Use this URL to cite or link to this record in EThOS: http://ethos.bl.uk/OrderDetails.do?uin=uk.bl.ethos.634994
Title: Embryo cryopreservation : the clinical outcome and couples' perspectives
Author: Goswami, Mohar
Awarding Body: University of Newcastle Upon Tyne
Current Institution: University of Newcastle upon Tyne
Date of Award: 2013
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Abstract:
Aim: Embryo freezing is a standard practice in most fertility units. According to the latest Human Fertilisation Embryology Authority data, 2,032 babies were born in 2010 from 10,548 cycles using frozen-thawed embryos in the UK. However, the practical benefit of embryo freezing in the National Health Service (NHS) context, and the psychological impact of this practice are unknown, and need to be reviewed in the light of increasing demand for NHS support for assisted conception. Therefore, this thesis investigates the answer to the question, “Should we be freezing embryos?” from two aspects: the influence on in vitro fertilization (IVF) success rates from embryo freezing and the decision-making process by which couples decide whether or not to freeze any surplus embryos. Methods: Analysis of the cumulative pregnancy rate (CPR) following three cycles of IVF treatment including embryo freezing was performed using life table analysis. A qualitative interview study involving IVF couples was performed aiming to explore the personal and social factors that couples consider when deciding about embryo freezing. Results: It was found that embryo freezing imparts a modest benefit of about 4% increase in the overall CPR. The qualitative study showed that regardless of the practical benefits of freezing embryos and the ethical and other reservations that couples have about it, the vast majority of IVF couples wish to avail themselves of the opportunity to freeze any surplus embryos, and use every additional opportunity to maximize their chances to have a baby. The decision-making process was complex and nuanced, and was fully appreciated only on reflection. Conclusion: Findings from this study will inform couples who face the difficult decisions about embryo freezing. Although this study indicates that more detailed information may not have influenced their decision, it provides the basis for further study comparing the influence of more targeted information on freezing decisions.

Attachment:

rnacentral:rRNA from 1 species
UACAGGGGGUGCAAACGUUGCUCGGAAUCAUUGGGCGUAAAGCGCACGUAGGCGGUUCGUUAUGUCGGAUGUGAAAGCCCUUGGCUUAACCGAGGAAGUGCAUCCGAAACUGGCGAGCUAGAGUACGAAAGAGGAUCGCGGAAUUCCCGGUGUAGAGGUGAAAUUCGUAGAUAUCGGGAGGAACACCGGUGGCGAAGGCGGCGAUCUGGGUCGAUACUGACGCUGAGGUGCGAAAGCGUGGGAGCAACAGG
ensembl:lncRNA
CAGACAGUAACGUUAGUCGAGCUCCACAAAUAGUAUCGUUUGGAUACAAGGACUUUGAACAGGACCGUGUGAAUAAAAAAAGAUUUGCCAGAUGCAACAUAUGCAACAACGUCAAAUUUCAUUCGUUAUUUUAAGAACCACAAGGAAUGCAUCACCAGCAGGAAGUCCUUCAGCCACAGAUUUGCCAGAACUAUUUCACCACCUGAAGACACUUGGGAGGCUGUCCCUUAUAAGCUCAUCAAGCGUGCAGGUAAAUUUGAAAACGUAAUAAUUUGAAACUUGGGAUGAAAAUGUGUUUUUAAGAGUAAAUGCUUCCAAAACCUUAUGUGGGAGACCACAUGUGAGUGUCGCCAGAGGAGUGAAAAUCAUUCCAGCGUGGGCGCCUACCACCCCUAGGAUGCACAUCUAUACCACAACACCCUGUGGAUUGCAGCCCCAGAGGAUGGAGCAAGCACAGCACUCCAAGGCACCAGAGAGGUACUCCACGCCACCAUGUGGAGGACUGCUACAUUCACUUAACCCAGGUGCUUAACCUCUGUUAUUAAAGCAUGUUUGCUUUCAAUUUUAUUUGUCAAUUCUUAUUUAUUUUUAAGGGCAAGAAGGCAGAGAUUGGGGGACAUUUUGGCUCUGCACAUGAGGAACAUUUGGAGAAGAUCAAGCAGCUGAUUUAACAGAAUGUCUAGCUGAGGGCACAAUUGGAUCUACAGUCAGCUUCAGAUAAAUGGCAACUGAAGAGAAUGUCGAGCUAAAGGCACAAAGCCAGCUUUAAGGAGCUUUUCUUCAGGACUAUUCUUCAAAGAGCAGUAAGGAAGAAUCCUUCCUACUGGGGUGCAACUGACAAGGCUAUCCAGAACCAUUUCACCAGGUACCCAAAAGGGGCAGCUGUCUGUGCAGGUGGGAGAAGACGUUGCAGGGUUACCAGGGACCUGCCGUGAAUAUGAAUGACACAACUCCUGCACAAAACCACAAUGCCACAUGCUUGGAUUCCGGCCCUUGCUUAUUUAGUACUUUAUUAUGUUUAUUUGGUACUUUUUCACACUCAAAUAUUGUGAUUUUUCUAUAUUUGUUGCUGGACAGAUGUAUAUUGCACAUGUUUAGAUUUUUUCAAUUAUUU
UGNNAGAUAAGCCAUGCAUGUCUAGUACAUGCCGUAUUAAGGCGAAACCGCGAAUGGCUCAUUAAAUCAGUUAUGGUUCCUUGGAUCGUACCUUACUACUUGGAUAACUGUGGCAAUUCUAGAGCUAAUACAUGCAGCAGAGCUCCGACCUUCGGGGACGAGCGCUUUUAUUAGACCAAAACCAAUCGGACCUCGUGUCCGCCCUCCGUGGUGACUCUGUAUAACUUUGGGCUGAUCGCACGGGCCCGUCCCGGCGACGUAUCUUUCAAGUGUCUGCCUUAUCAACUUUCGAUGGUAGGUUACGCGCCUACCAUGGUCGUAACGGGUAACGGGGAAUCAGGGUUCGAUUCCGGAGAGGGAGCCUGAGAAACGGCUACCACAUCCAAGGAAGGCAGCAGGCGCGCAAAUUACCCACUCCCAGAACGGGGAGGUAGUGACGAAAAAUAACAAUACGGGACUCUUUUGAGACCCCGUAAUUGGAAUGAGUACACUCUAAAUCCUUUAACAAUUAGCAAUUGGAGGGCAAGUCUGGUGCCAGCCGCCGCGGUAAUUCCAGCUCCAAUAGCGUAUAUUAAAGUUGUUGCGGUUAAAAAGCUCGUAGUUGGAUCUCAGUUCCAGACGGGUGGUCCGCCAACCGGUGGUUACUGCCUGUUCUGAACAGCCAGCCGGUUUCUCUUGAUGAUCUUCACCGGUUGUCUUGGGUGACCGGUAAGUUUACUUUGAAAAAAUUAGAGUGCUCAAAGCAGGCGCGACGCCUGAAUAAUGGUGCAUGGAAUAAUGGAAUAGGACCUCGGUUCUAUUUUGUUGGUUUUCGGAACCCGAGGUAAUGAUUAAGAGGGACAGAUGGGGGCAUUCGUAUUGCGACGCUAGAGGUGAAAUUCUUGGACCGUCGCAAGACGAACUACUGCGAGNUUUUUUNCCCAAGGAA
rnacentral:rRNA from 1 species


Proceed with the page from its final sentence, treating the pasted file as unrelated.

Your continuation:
Supervisor: Not available Sponsor: Not available
Qualification Name: Thesis (M.D.) Qualification Level: Doctoral
EThOS ID: uk.bl.ethos.634994  DOI: Not available
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